April 23, 2019
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More Maine schools added as unified basketball returns

Brewster Burns | BDN
Brewster Burns | BDN
Lisbon's Robert Wood (second from right) drives to the basket against Hampden Academy's Ted Harris (second from left) in the unified basketball state final at Lewiston High School in this March 2015 file photo.

It will be hard to top the debut season of high school unified basketball in Maine, which ended on David Manzo’s buzzer-beating hook shot in overtime that gave Hampden Academy a 32-30 victory over Lisbon in last March’s inaugural state championship game.

Organizers and competitors from around the state are determined to build on that success as 2016 preseason practices begin this week. They’re off to a good start.

Thirty-two teams representing 34 schools are on board for the second season of the co-ed sport at the interscholastic level in Maine — nearly double the 17 teams that participated last winter.

“We had a high goal we were hoping for,” said Ian Frank, Project Unify director at Special Olympics Maine, one of the partners in the state’s unified basketball efforts. “Because of the success of the first year, we heard from a lot of athletic directors and principals who saw the product firsthand and said, ‘We’ve got to get involved.’

“We didn’t think we were going to double the number, but we came pretty close,” he said.

Unified basketball teams athletes with developmental disabilities with nonvarsity partners without developmental disabilities. At least three athletes must be on the court at all times, and the partners may score no more than 25 percent of their team’s points.

Teams will play between six and eight games — up from between four and six games last year — during a regular season that runs from Jan. 22 through March 2, with the 32 teams divided into five scheduling regions to enable participating schools to generate full schedules.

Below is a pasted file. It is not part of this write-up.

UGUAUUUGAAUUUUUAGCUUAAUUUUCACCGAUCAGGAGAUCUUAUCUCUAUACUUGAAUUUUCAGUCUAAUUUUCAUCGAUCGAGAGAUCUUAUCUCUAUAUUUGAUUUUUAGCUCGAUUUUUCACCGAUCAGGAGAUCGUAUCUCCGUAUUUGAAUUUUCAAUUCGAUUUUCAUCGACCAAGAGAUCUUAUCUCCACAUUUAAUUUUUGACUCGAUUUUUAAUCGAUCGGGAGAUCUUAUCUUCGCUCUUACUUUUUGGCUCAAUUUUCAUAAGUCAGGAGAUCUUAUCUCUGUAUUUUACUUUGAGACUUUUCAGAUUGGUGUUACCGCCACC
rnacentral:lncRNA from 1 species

Each team in a region — for example, Region I consists of Brewer, Hampden Academy, Mount Desert Island, Nokomis of Newport, Oceanside of Rockland-Thomaston and Orono — will play each other at least once, then may complete their schedules either with rematches or against other teams from around the state.

Sixteen-team playoffs in both the North and South regions follow, leading to the state championship game to be held at the new Lisbon High School gymnasium on March 17.

The sport’s introduction in Maine last winter stemmed from a partnership among the Maine Principals’ Association, Special Olympics Maine and Project Unify, a branch of Special Olympics dedicated to increasing athletic and leadership opportunities for students with and without intellectual disabilities.

Unified basketball’s effect on its participants and the schools involved transcended results on the scoreboard during the first year of the effort.

“The single biggest thing we heard was that it brought the true meaning of participating on a team back into athletics,” said Maine Principals’ Association assistant executive director Mike Burnham. “Time and time again we heard from schools that this was what it was all about, to give kids a chance to be on a team and represent their school. The impact it had not just on a basketball team but the culture of a school internally was special to see.”